While work continues to produce clean energy, what we can do now is make better choices that are in line with sustainability goals. Partnered with My Green Lab, Agilent supports scientists in achieving their lab sustainability goals. Several Agilent instruments also carry My Green Lab certification.

The opportunity to reduce the environmental impact of labs through smarter purchases is tremendous. By procuring instruments and products that will reduce waste, reduce energy consumption, reduce solvent/consumable consumption, and last longer (reducing the need to buy and discard more instruments), laboratories can operate in a more environmentally sustainable way.

Speak to a consultant at Chemetrix to learn more about sustainable instruments with technology that can help your lab achieve its sustainability goals. View our products to learn more about technology that’ll save energy and other resources for a more efficient lab.


Sustainability Through Lab Optimisation

The average lab consumes more energy per square meter than many hospitals or other commercial buildings—the US EPA estimates that a 30% reduction in lab energy use in the United States translates to removing 1.3 million cars from highways per year. Now, imagine what that would mean for labs around the world.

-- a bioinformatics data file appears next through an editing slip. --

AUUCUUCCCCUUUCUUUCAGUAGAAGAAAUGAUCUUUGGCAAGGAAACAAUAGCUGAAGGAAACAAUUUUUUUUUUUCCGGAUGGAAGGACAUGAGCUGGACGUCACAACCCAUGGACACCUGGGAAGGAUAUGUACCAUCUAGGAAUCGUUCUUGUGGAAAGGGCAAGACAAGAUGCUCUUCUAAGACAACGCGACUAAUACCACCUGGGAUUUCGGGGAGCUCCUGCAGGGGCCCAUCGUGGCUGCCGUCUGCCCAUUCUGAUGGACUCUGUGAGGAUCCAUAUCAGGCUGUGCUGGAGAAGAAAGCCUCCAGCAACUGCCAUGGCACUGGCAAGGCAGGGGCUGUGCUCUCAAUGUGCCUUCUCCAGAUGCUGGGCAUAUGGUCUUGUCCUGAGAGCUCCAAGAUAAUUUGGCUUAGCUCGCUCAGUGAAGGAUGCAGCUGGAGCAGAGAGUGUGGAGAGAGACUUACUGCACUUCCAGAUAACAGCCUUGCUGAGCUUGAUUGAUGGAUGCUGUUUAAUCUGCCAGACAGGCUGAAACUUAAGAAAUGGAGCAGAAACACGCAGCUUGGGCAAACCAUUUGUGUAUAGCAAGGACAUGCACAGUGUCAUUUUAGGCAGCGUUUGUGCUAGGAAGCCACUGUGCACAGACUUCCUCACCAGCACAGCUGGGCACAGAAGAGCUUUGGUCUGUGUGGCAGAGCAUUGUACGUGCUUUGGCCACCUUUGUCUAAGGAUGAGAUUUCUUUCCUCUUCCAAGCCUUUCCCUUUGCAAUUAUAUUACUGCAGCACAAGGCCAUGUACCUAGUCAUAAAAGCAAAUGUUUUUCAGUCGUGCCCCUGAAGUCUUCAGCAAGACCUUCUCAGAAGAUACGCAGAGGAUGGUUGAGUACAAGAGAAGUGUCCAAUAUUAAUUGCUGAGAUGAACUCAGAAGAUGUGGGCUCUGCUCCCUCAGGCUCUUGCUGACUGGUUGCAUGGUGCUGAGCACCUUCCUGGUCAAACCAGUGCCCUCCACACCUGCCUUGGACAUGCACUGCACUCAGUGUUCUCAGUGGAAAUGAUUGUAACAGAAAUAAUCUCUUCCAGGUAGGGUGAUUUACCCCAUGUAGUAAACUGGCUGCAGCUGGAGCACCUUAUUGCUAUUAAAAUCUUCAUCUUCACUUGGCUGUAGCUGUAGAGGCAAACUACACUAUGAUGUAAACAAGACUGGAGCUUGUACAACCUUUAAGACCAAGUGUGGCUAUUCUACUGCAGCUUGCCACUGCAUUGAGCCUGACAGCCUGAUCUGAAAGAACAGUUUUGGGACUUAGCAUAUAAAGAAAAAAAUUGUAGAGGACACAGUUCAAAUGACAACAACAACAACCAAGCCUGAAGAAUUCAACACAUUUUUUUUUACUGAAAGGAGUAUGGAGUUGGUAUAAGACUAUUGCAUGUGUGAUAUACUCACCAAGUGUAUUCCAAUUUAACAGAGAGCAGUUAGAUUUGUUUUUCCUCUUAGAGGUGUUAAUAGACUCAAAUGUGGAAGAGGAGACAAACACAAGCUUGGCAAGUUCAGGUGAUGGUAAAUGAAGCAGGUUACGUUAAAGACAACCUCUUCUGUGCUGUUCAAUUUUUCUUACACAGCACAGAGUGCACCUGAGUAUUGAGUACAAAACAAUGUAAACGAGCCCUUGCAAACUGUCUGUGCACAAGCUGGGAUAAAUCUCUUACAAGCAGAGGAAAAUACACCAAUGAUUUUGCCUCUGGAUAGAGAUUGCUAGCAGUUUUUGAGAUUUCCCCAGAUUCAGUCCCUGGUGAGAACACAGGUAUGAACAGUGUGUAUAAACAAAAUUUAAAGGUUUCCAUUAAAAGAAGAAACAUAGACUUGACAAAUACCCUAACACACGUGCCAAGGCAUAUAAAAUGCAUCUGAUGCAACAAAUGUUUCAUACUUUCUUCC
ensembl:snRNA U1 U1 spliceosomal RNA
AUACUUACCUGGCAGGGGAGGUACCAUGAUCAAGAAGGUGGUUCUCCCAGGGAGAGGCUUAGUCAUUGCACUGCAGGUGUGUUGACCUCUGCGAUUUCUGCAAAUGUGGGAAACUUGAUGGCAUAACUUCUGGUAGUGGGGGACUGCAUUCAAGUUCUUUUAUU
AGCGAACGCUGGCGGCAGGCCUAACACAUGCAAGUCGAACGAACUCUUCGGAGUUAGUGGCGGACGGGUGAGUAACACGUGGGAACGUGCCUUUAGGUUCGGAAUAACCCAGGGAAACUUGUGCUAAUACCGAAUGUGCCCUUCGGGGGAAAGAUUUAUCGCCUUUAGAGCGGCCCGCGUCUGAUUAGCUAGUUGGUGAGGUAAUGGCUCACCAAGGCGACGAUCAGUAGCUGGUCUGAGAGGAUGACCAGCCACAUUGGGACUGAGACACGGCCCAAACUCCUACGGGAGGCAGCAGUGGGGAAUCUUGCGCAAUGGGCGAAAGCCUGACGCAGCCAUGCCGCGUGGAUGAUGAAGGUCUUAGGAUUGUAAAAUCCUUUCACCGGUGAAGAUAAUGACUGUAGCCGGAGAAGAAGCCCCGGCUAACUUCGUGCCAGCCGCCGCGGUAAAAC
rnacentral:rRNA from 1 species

Scientific labs are experiencing an increasing demand for greater efficiency and productivity and, at the same time, a strong desire to maximise sustainability from the organisation-wide level to daily operations. Combining new data intelligence technologies and better industry insight guidance allows for advancing lab operational efficiency through better asset utilisation and increased sustainability in the digital lab era.


Lab managers want sustainability and optimisation

The central premise for discussing sustainability and optimisation together is that a more efficient lab is a more sustainable one. Most lab managers are mindful of both sustainability and optimisation needs. A global survey of lab managers highlighted a strong desire to meet sustainability goals and remain conscious of sustainability in their daily operations.

Key takeaways from the survey included:

  • 68% of labs surveyed acknowledged that they require further work to improve sustainability.